Q: What is the Women's Funding Network? A: The Women's Funding Network celebrates its 30th anniversary in 2014. The network of funds was originally started by a group of 20 leaders who believed that philanthropy and social changes needed to recognize and include women and girls issues. The WFN is now a network of more than 160 Women's Funds in 30 countries. Today, the Women's Funding Network is the largest philanthropic network in the world devoted to improving the lives of women and girls. For more information, visit www.womensfundingnetwork.org.
Q: How do you define eudaimonia? A: Eudaimonia is the Greek word used by philosophers that translates to "well-being of the soul." According to Aristotle in his Nicomachean Ethics, the wellbeing of the soul is achieved through arête, defined as living in excellence and virtue. He identifies the moral virtues as prudence, justice, fortitude and temperance. A virtuous life according to Aristotle is a balanced life with neither too much nor too little of each virtue.
Q: Are there websites with information on how to volunteer? A: Absolutely. In addition to contacting your local United Way or Community Foundation. These sites offer some wonderful volunteer resources. visit www.networkforgood.org, www.volunteermatch.org, www.pointsoflight.org and www.encore.org.
Q: Is there a resource for children's gifts and books to learn about giving? A: Yes. The National Center for Family Philanthropy has an excellent website, www.ncfp.org. I encourage you to visit the site for both children and adult resources. Correction to last month's "Ask Margaret" book recommendation: Shel Silverstein (not Shel Silverman) is the author of The Giving Tree. Thank you, Lori E. Gold, for bringing this to our attention.
Q: Can you recommend a children's book on the topic of giving? A: The Giving Tree by Shel Silverman, published in 1964, remains a favorite with children and adults.
Q: What do gift planners mean by the "ultimate gift"? A: According Debra Ashton, author of The Complete Guide to Planned Giving, the ultimate gift is "not the method a person uses to give the gift, but rather the magnitude of and the motivation for the gift." She goes on to say, "Ultimate gift fundraising, then, depends on our ability to build and develop long-term relationships with a few special givers."
Q: What are some of the organizations that currently evaluate nonprofit organizations and charities? A: Charity Navigator, www.charitynavigator.org; theAmerican Institute of Philanthropy, (Charity Watch) www.charitywatch.org; BBB Wise Giving Alliance, www.bbb.org/us/wise-giving and GuideStar, www.Guidestar.org are all excellent resources.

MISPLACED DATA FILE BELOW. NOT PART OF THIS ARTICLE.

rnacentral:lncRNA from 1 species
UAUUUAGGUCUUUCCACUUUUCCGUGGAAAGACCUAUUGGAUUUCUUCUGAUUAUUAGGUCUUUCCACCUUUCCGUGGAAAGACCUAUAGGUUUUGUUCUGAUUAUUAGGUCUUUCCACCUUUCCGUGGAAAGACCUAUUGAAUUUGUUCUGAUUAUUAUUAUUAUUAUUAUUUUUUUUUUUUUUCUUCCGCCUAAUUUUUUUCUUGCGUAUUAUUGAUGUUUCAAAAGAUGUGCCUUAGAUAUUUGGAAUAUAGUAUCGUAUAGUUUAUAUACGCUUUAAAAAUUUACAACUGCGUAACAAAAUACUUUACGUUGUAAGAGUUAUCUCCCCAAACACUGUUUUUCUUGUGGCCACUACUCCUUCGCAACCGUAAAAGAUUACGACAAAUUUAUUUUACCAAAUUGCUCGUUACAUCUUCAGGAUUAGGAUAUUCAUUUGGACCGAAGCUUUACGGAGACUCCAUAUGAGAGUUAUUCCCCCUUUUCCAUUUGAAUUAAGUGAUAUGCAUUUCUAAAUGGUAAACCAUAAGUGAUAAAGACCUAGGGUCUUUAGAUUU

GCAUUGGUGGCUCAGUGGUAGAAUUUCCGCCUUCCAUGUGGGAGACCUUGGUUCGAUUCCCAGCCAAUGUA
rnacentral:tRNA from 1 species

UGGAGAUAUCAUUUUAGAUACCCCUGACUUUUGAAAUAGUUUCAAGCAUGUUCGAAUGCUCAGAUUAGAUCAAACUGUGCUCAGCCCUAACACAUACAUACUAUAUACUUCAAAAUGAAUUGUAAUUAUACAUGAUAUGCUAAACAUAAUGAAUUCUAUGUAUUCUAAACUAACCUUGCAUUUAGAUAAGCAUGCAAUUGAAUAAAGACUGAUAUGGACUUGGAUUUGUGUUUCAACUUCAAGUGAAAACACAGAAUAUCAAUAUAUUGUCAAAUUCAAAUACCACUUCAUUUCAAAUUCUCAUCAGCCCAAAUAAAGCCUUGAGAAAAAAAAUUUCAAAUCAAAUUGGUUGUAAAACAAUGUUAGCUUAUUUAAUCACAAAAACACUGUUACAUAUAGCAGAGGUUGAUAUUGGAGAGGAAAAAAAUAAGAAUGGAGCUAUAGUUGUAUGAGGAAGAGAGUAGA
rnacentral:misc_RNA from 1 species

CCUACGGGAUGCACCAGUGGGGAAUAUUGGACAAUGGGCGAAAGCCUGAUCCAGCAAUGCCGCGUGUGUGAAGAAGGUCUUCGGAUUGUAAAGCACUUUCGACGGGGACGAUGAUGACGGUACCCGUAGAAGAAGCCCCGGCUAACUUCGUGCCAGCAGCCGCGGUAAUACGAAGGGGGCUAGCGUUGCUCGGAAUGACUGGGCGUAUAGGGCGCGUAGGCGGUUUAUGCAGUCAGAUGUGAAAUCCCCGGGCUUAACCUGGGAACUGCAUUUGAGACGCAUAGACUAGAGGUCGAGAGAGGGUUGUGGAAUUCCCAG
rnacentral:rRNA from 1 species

Q: Who described charity as a hallmark and an engine of American democracy? A: Alexis de Tocqueville described charity as a hallmark and engine of American democracy in his book, "Democracy in America," written in 1835. "There is nothing, in my opinion, that merits attention more than the intellectual and moral associations of America."
Q: It is true that "tax-savings" is the number one reason why people donate money to charity? A: No, absolutely not true. Extensive research has proven that people are first motivated to donate to causes that they believe will make an impact on specific issues or organizations that are meaningful in the donor's life and express the values by which the donor lives.
Q: Can you recommend a charitable "primer" for children? A: Raising Charitable Children by Carol Weisman is one of the most entertaining and informative "primer" books that includes practical ideas to engage children in activities that are both rewarding to the recipient and the giver. This short guide (125 pages) packs a lot of easy-to-read, down-to-earth and humorous stories of how to create and enjoy meaningful experiences for the entire family while making a difference. At the same time, these experiences teach children and grandchildren what being charitable is all about.
Q: What is an ethical will? A: An ethical will is a formal but non-legal document in which the writer shares beliefs and values from past and present experiences and offers their hopes and wisdom for the future to their loved ones and family members. According to Barry K. Baines, MD, author of Ethical Wills: Putting your Values on Paper, the origin of the ethical will dates back to biblical times. Baines says, "Legal wills bequeath valuables, while ethical wills bequeath values."
Q: How do you prepare children to manage money and become knowledgeable about philanthropy? A: Charles W. Collier, senior philanthropic advisor at Harvard University (retired), gives four examples in his second edition of Wealth in Families (ISBN 0-9786345-0-0). Set a good example Provide consistent guidance Allow them to make mistakes Consider the use of mentors
Is there a prominent research institution that can synthesize the confluence of women, money and philanthropy?
Q: Is there a prominent research institution that can synthesize the confluence of women, money and philanthropy? A: The Women's Philanthropy Institute at The Center on Philanthropy at Indiana University connects the dots among these three issues in their upcoming online conference, "SHEMAKESCHANGE," Sept. 20, 27 and Oct. 4 from 3:30 - 4:30 p.m. EST. The three sessions are: 1) What women really think about money; 2) Unraveling the myths; 3) Change your strategy to change the world. > For more information, download the SHEMAKESCHANGE conference overview.